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Proving Exception to the General Rule, Timing of Domain Name Registration

Where two parties in the same geographic area offer the same range of goods to the general public it might appear that in registering a domain name identical to the complainant’s trademark the Respondent had an impure motive. What if the domain name was registered before the complainant established its business? Although the respondent had knowledge of the complainant’s business plans? But, there was no proof that the general public associated the trademark as the source of goods from the complainant? The Consensus is that “when a domain name is registered before a trademark right is established, the registration of the domain name was not in bad faith because the registrant could not have contemplated the complainant’s non-existent right,” WIPO Overview of WIPO Panel Views on Selected UDRP Questions, paragraph 3.1. The Overview continues, however, with an exception, that “[i]n certain situations, when the respondent is clearly aware of the complainant, and it is clear that the aim of the registration was to take advantage of the confusion between the domain name and any potential complainant rights, bad faith can be found.”

In Paragon Micro, Inc. v. Julian Pretto, D2010-0721 (WIPO July 1, 2010) the “Complainant states that it was incorporated in 2003 and began using its mark in 2006. Yet, the <paragonmicro.com> domain name was apparently registered in 2001, which would have been some time before Complainant was formed.” Generally, the exception has been applied in cases involving well known entities either merging or acquiring other entities, opening resorts or hotels before obtaining trademark rights or announcing a new corporate name. A recent example was The Old Course Limited v. Patrick Woods, D2010-0682 (WIPO June 6, 2010).

Paragon Micro, however, illustrates the difficulty in applying the exception and the heavy burden the complainant must satisfy. The Respondent in Paragon Mico is holding the domain name inactive, thus it “cannot presently be said that it is using the disputed domain name to attract visitors for commercial gain.” But, argues the Complainant “the Respondent could ‘at any time’ begin using the disputed domain name in a manner that would disrupt its business and cause confusion as to the source of the parties’ respective goods and services.” This fails because bad faith (registration and use) cannot rest on the possibility that the respondent will activate the domain name in the future to disrupt the complainant’s business or confuse the purchasing public.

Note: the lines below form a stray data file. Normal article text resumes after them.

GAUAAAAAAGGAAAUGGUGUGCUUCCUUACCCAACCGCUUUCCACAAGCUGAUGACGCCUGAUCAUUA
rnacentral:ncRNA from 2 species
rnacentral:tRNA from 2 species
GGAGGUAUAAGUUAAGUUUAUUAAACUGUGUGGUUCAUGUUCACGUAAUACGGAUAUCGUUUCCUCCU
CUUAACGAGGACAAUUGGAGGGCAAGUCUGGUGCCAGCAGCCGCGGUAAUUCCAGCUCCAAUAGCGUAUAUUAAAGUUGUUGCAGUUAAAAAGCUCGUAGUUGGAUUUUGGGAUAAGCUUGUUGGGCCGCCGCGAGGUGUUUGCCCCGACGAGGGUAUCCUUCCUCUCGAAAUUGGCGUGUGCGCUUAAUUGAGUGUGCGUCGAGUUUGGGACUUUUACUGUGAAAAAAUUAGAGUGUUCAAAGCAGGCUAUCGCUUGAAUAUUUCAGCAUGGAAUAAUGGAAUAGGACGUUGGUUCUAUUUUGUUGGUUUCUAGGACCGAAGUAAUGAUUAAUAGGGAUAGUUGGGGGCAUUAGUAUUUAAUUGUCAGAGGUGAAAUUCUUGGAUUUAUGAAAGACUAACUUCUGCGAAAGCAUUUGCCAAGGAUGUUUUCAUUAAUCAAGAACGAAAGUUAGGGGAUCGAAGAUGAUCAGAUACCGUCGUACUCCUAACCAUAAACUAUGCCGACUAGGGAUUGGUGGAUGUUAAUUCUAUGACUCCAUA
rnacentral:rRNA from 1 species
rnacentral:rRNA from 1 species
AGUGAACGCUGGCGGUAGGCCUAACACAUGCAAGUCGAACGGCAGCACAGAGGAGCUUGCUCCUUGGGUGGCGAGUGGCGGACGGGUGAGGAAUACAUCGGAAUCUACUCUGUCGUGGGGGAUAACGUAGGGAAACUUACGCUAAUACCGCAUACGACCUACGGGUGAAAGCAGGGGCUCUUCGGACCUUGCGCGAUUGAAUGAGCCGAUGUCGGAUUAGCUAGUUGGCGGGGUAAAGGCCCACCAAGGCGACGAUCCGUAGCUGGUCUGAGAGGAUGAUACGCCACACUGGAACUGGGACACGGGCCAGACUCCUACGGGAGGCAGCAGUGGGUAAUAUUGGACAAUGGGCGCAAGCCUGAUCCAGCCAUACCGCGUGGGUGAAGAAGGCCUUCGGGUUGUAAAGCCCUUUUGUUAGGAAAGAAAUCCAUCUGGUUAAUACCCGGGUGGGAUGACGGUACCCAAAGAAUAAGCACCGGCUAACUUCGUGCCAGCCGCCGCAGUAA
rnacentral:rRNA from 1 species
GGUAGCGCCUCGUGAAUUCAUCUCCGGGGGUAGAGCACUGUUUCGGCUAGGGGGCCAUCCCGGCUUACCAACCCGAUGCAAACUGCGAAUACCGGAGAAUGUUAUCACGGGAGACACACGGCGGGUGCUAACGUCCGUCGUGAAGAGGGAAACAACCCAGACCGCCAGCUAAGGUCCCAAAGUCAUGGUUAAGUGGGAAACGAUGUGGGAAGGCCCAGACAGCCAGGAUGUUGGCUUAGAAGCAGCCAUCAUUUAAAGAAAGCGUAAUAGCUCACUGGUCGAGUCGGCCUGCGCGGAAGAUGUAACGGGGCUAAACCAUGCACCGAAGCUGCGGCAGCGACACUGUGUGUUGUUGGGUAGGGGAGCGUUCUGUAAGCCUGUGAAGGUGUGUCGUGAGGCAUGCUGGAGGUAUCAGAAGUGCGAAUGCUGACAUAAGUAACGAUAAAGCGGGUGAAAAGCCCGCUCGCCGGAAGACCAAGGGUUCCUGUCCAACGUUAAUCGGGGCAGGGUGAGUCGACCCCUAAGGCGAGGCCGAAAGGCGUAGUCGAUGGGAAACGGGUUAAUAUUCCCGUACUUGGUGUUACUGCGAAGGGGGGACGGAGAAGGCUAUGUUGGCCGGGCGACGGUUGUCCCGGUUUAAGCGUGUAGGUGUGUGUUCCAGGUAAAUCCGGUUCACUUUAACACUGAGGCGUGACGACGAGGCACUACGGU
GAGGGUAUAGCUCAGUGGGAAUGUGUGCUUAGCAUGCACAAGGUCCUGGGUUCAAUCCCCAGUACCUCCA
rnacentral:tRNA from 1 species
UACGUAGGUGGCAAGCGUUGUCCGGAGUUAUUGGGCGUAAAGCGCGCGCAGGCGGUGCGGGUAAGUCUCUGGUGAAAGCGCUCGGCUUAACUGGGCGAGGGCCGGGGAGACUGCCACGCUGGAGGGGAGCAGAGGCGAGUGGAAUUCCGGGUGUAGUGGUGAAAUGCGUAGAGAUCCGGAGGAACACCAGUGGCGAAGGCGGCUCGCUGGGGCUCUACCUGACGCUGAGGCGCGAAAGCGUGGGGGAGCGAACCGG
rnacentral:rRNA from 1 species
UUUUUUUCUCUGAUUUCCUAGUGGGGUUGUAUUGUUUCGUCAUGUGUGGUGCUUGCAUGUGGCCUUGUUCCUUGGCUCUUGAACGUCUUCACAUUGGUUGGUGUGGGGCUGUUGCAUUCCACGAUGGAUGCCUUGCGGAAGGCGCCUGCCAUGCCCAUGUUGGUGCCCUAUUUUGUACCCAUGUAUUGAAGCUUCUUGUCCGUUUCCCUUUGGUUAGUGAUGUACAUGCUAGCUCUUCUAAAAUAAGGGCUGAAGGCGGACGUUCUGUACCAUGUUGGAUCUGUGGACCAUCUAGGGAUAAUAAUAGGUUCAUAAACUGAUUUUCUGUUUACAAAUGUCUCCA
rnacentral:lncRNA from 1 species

If the Respondent opportunistically anticipated the Complainant’s trademark, it is not proved by asserting as a fact, speculation. “Evidence of such an exception has not been provided here; indeed, the Complaint nowhere even acknowledges that the registration predates Complainant’s trademark rights.” The record apparently contains one piece of information unexploited by the Complainant (unless it is a typographical error) consisting of a copyright notice on its own website page that reads “1995-2010.” If this notice accurately reflected the Complainant’s length in business it failed to “provide any other evidence regarding length of use and provides no information concerning sales, nature and extent of advertising, consumer surveys, or media recognition that would establish rights in a mark that is not registered.”

Levine Samuel, LLP <researchtheworld.com>
Gerald M. Levine <udrpcommentaries.com>
E-Mail gmlevine@researchtheworld.com

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